Technology is magic
“The soul of wit may become the very body of untruth. However elegant and memorable, brevity can never, in the nature of things, do justice to all the facts of a complex situation. On such a theme one can be brief only by omission and simplification. Omission and simplification help us to understand - but help us, in many cases, to understand the wrong thing; for our comprehension may be only of the abbreviator’s neatly formulated notions, not of the vast, ramifying reality from which these notions have been so arbitrarily abstracted” ― Aldous Huxley, Brave New World Revisited
You’re home late after a grueling day at the office. The light of the sun has given way to the orange common of street light. No one wanders the streets except those few young souls for whom the night is when their soul comes alive. You envy them their energy, and would wish them a good time tonight were your mind not entirely enveloped by the hunger consuming your thoughts. You need to eat something, immediately. Your stomach commands you. You drop your backpack near the entrance and rush towards the kitchen. You’re too tired to make dinner, and too hungry to be choosy about what to eat. If there’s something, anything, that looks even remotely edible that’ll be the dinner for tonight. You open the refrigerator door, and praise the gods and all the luck they shower upon you, there’s some chilli con carne left over, your favorite. Saliva floods your mouth as you grab the container and pour the earthly brown sludge on a plate with some leftover rice. You splash both with copious amounts of hot sauce.
You’re about to dive in when a pang of guilt hits you. You have nothing against eating cold food, and you’re certainly hungry enough to send all decorum to hell, but the microwave is right there in front of you, staring at you, judging you for the slob you’re about to show you are if you do not heat your almost frozen food.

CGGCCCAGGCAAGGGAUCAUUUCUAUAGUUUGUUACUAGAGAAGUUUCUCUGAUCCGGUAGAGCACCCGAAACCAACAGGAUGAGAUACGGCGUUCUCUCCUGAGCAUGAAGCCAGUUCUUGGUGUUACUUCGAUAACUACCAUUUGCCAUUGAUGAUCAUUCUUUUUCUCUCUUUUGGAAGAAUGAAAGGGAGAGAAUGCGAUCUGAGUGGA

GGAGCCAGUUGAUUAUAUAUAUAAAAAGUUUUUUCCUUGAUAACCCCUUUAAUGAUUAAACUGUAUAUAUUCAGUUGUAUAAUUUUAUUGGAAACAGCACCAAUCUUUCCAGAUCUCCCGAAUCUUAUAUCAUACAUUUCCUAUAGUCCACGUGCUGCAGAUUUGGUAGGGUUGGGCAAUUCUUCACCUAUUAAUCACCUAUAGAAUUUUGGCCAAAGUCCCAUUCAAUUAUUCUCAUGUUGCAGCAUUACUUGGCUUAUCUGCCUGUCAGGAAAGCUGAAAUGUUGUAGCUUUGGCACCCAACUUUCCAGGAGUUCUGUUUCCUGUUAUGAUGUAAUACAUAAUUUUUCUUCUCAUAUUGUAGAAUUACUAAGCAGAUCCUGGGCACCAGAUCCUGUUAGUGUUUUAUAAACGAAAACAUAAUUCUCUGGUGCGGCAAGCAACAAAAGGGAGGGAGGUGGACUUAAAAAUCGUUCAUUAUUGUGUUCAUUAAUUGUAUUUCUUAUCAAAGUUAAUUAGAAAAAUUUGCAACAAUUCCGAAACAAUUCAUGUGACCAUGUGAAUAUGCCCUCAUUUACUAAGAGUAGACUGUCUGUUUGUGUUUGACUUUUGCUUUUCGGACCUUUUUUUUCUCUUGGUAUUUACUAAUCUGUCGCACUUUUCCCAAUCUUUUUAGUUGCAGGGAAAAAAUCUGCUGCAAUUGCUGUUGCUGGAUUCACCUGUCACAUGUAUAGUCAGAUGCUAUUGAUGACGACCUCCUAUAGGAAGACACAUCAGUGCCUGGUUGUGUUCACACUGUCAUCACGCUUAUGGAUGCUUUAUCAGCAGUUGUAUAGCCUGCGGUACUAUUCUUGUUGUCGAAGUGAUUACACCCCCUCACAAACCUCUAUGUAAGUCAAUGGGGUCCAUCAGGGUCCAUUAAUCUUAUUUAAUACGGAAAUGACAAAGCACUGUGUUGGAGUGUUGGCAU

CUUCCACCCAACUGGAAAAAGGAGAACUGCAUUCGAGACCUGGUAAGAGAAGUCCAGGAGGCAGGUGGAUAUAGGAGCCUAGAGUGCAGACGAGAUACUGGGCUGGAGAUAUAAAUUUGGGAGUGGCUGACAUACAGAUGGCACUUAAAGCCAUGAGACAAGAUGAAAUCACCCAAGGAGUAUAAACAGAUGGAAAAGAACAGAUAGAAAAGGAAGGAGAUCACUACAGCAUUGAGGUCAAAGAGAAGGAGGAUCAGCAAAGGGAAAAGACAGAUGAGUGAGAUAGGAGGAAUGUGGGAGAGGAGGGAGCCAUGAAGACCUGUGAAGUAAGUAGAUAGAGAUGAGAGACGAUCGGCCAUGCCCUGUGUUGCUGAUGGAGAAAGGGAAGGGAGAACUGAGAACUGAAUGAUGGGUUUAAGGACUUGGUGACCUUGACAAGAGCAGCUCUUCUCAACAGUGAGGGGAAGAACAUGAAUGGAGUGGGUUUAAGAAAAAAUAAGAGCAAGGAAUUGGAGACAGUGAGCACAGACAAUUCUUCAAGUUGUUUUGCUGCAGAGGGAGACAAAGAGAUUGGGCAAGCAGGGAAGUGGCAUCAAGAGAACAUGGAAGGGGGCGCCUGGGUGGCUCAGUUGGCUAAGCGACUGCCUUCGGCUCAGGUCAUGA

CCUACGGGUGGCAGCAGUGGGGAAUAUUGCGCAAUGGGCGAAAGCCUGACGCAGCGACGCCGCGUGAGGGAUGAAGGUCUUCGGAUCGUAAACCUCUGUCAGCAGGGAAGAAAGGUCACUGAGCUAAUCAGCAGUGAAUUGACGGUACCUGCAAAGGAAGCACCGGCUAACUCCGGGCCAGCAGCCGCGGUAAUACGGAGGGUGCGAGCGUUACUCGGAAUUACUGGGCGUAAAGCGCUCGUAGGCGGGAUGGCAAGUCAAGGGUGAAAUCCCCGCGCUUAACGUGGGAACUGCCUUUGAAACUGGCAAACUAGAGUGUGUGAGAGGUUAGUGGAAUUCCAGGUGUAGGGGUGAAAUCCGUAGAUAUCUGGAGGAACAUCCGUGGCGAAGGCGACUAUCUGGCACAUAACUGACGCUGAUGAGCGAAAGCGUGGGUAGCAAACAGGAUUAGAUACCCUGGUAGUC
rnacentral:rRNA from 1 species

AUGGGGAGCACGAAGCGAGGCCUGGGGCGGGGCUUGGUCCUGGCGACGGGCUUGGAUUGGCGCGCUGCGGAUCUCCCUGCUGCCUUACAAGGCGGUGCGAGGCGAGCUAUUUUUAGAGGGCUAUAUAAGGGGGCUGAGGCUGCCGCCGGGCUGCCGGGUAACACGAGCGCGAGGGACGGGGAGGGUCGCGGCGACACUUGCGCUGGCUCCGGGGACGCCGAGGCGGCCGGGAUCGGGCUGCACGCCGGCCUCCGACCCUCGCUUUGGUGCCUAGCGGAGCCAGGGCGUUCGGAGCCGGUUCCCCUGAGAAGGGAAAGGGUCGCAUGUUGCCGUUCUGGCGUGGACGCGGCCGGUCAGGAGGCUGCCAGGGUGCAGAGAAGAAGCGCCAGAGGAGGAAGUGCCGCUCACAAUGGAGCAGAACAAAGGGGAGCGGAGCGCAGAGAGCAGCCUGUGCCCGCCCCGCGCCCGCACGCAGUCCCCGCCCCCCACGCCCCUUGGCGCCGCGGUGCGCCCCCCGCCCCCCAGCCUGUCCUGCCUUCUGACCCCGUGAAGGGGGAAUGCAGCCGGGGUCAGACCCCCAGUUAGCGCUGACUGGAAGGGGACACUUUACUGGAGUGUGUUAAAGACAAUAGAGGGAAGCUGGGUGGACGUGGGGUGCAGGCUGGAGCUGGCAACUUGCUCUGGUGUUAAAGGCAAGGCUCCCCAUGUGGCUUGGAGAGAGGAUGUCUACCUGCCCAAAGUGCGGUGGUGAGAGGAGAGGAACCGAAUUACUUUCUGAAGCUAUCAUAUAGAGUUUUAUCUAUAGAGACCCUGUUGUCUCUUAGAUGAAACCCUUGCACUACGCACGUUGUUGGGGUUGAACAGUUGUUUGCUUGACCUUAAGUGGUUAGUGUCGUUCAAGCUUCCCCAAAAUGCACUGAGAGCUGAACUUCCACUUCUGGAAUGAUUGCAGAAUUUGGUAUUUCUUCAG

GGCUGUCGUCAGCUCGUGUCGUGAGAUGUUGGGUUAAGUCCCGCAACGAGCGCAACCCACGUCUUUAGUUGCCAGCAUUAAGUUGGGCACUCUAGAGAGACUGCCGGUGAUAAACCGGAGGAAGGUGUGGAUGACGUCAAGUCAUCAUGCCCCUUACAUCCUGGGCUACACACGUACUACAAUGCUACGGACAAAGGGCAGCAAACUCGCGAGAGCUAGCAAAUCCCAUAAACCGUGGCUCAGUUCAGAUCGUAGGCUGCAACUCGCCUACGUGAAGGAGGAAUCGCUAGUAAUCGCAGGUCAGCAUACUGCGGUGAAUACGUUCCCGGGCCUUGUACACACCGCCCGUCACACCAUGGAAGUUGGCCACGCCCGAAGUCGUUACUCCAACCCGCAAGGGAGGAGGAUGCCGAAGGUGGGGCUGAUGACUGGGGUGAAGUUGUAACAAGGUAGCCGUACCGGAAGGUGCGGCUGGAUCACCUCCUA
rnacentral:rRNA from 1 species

You pull the silver door of the microwave open in resignation, and put the plate inside. You close the door and push the button enough times for the microwave to make your food sizzle in its own heat. The light turns on; the plate begins to spin. With nothing to do now but wait, the heaviness of your eyelids starts making itself felt. It too wants its voice heard in the court of your mind. Images of your bed, with you in it, flash through your mind. To sleep and to eat, those are the two directives that now rule your actions, all the complexity of what it means to be a human being simplified into a binary choice.
You’re standing in front of the microwave with your forehead glued to the tempered glass of the microwave watching as little pockets of steam start bubbling towards the surface of the chilli’s sauce. You can almost feel the heat coming out of the food.
Beep… beep… beep…
The light turns off, and the microwave’s shrill announcement wakes you out from your sleepy stupor. That’s when it hits you:
You’ve just seen magic happen.
Memory Is Not About The Past
We spend a large part of our lives reminiscing about the past.
Few activities are as quintessentially human as being on the cusp of falling asleep and suddenly be assaulted by a memory that has us relive an embarrassing episode that we thought long forgotten. Yet this ability to store and recall the past didn’t emerge so that we could cringe at our past ineptness. We use our memories all the time, from remembering where we parked our car, to cook today’s dinner, or to try and put a name to the face of the person who’s now talking to us as if we’d met before, even though we could swear up and down to never have seen that person before.
Our memory is a crucial aspect of our cognition, and we often bemoan when it fails us. Ask the student who failed an exam, or the husband who forgot to buy his wife a gift for her birthday and now finds himself having to sleep on the couch in repentance.
Why You Should Use Twitter, and How Not To Go Insane in the Process
What if there was a place where people with the same interests as you hang out and talk about the things which you are so passionate about? What if there was a place on the Internet where you had free and easy access to the most insightful writers, the smartest researchers, and the most talented artists from all over the world?
This place exists. It’s called Twitter.
How To Read (Almost) All Scientific Papers for Free
Learning is exhilarating, and science is one of the greatest accomplishments of modern civilization.
While these are not terribly exciting points to make, it is curious how much of a barrier there is between the public and the scientific papers which are the products of science.
Or rather, how much of a barrier there was.
Whatever obstacles there were in place, the Internet has burned them to the ground and fundamentally changed the informational inequalities that the old system promoted.
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